-Overclocking/Powersaving and hidden real speed. (because the speed you see in the computer info page is the default processor speed, and may not be the speed at which the CPU is currently working at. Could be more in the case of overclocking, or less if the CPU throttled down to save power in a top of the line notebook)

-Dual core / Hyperthreading. (because for instance a Pentium 4 @3Ghz with no or disabled HyperThreading will show a higher benchmark than the same processor with HT enabled. Because the benchmark shown is "per cpu")

-Differences in hardware. (because the same CPU with crappier memory and/or motherboard and/or worse temperature conditions will perform a lot worse. But in the computer info page you only see the processor. Same with CPU architecture differences, like less cache.)

-CPU was busy at the time benchmark was performed. Besides, benchmark is far from accurate or stable.

By all means feel free to add more or correct me if I'm wrong somewhere.
/Mav

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We are ready at last to set sail for the stars.

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Message 383169 - Posted: 31 Jul 2006, 12:01:07 UTC

The 2 pcs i referred to were stock.

All other applications were disable.

Same memory used, plus same timings, all hardware the same before and after install. More cache, less performance?.

If its per cpu, its still less when added up.



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Message 383197 - Posted: 31 Jul 2006, 12:51:30 UTC - in response to Message 383111.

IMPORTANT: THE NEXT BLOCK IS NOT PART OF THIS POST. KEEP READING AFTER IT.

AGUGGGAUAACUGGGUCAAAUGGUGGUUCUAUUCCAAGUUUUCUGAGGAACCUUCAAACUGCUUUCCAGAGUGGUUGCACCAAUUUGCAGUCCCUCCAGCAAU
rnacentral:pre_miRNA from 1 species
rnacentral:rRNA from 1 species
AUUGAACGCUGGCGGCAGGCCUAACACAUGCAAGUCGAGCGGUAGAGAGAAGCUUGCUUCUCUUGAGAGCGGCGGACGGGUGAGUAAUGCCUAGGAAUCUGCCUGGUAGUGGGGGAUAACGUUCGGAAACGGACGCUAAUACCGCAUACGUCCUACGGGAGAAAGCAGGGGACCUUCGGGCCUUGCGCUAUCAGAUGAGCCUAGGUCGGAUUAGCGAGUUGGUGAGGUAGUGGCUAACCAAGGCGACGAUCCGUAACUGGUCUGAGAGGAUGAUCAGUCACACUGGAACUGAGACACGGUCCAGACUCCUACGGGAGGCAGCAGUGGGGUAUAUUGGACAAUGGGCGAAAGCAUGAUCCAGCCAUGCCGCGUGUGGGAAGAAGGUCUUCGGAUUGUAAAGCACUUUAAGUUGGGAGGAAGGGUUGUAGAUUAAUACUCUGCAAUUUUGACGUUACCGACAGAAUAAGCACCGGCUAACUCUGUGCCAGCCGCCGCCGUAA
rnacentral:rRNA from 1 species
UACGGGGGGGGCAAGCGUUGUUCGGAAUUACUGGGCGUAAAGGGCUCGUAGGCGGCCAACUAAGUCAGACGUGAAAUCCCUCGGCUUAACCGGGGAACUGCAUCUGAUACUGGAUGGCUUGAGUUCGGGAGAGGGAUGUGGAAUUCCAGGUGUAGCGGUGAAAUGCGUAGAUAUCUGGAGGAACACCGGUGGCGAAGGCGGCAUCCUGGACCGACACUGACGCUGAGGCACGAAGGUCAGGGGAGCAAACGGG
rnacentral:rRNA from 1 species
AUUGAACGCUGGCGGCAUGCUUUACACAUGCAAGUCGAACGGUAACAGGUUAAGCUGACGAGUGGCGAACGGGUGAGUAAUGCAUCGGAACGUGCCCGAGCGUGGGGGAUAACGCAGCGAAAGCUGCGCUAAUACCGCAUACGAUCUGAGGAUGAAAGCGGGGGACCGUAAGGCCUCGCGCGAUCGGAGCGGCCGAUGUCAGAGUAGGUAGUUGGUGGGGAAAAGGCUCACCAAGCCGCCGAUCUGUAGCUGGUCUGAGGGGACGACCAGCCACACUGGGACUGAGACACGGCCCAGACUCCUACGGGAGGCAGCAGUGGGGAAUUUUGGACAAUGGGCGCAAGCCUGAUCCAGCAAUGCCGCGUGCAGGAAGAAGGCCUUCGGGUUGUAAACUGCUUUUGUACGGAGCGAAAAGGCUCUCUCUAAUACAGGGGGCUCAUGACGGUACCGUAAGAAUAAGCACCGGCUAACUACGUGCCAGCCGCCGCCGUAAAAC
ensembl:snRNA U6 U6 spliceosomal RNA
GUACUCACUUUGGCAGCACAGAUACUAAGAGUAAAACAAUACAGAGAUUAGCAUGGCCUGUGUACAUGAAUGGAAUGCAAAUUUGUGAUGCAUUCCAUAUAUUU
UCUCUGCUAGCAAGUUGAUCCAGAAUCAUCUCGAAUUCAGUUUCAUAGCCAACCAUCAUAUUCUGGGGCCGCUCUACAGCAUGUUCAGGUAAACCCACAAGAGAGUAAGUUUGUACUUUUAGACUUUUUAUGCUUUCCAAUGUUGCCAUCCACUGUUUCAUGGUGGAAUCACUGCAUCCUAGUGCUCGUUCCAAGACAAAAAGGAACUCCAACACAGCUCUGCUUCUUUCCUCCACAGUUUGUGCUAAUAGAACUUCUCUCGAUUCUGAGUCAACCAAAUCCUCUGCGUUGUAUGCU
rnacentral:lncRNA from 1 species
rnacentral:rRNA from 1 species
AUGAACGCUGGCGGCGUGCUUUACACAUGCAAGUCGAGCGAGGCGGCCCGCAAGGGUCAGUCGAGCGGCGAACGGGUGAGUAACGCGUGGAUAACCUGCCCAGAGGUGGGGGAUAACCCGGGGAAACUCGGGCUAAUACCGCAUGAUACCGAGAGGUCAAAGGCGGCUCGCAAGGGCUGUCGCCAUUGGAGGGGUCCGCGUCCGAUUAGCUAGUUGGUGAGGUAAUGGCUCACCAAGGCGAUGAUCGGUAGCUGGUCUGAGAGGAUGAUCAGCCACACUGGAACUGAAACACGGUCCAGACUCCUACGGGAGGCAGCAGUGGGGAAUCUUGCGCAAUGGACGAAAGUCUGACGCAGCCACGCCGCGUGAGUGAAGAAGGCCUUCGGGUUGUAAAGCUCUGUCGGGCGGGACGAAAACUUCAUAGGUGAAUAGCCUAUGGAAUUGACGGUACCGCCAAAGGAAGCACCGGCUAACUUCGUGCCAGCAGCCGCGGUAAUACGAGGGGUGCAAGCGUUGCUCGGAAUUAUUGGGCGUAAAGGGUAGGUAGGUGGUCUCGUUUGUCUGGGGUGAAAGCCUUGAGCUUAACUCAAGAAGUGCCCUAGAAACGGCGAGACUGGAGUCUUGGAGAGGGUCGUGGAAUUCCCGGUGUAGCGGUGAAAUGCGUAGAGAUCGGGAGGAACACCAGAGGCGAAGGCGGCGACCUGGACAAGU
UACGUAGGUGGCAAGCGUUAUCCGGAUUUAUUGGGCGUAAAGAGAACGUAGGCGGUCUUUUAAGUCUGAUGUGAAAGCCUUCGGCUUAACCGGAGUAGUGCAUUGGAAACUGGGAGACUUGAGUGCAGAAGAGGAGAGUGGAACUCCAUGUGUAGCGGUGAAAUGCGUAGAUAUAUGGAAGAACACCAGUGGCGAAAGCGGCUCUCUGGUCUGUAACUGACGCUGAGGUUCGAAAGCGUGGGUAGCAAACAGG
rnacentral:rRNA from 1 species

Last modified: 31 Jul 2006, 12:52:01 UTC

so why are they so high on one persons pc compared to another that is supposedly faster?.


Cheers

One of three reasons(can be a combination of one or more):
1) Either the other persons pc is overclocked to the gills.
2)He's using a third party optimized boinc client.
Or
3) Your puters are linux and his are windows.
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Message 383520 - Posted: 31 Jul 2006, 20:42:17 UTC

I tend to agree with 2) in Tony's list.

The only way you could have gotten benchmark scores that high using an A64 3200+ is using an optimized BOINC client. You probably updated it and the benchmark scores have been lower since then.

Regards,
Simon.
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Message 383559 - Posted: 31 Jul 2006, 21:42:15 UTC - in response to Message 383111.  

so why are they so high on one persons pc compared to another that is supposedly faster?.


Cheers

Differences in processor architecture (number of pipelines, branch prediction, ALU speed, etc.)
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Message boards : Number crunching : CPU benchmarks using Boinc